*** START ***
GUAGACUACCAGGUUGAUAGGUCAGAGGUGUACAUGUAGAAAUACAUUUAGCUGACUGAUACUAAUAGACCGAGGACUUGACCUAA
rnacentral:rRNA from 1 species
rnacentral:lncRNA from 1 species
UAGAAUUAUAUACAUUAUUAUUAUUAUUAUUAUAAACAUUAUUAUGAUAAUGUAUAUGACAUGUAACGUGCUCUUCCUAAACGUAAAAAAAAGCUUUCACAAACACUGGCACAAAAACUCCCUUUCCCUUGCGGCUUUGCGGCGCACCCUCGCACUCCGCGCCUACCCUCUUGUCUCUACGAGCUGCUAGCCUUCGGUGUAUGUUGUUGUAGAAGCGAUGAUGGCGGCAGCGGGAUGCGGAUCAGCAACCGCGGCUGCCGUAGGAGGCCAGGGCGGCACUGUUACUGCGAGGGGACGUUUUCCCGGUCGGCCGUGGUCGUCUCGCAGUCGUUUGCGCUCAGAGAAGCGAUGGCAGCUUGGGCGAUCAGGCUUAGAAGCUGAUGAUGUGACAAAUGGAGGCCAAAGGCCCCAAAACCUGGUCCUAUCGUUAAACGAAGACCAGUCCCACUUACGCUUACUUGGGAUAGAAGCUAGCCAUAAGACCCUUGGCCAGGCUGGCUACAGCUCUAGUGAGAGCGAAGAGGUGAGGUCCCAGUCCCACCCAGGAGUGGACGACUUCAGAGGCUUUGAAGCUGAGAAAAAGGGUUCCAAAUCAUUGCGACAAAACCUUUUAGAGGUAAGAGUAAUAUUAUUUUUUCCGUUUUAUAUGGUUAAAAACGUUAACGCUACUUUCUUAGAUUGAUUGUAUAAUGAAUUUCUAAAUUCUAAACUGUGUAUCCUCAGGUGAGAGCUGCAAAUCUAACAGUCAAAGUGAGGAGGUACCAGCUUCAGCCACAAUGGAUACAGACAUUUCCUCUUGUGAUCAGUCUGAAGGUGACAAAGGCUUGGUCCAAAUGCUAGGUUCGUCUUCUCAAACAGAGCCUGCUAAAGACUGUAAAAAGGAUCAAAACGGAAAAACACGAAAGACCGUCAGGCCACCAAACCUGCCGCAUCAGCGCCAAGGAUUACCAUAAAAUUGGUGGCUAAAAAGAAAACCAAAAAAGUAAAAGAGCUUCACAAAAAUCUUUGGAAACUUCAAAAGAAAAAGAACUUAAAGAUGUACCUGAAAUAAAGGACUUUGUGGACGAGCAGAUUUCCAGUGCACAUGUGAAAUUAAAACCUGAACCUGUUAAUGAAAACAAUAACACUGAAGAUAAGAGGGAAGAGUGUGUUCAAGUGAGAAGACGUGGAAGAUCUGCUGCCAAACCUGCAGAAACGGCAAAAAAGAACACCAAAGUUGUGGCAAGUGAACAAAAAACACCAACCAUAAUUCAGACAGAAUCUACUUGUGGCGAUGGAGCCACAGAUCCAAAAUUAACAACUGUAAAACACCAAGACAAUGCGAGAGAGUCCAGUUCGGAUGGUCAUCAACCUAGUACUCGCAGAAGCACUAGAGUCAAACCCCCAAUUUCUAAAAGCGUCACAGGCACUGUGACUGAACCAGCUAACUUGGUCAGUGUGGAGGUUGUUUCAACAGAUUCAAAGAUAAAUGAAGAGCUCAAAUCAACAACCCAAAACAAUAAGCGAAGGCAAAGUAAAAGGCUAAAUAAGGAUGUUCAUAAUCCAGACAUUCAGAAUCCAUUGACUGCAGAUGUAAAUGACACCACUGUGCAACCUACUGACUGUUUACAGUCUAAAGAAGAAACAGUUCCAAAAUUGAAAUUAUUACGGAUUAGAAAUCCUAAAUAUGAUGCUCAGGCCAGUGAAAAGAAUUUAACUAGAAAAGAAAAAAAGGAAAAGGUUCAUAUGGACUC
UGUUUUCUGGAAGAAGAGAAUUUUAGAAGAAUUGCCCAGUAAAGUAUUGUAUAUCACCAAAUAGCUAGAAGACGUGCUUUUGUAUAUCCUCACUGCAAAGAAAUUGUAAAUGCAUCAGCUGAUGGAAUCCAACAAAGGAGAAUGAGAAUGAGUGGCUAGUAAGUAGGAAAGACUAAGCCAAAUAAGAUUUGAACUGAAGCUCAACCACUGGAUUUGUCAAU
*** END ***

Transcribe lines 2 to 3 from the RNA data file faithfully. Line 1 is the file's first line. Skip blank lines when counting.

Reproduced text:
rnacentral:rRNA from 1 species
rnacentral:lncRNA from 1 species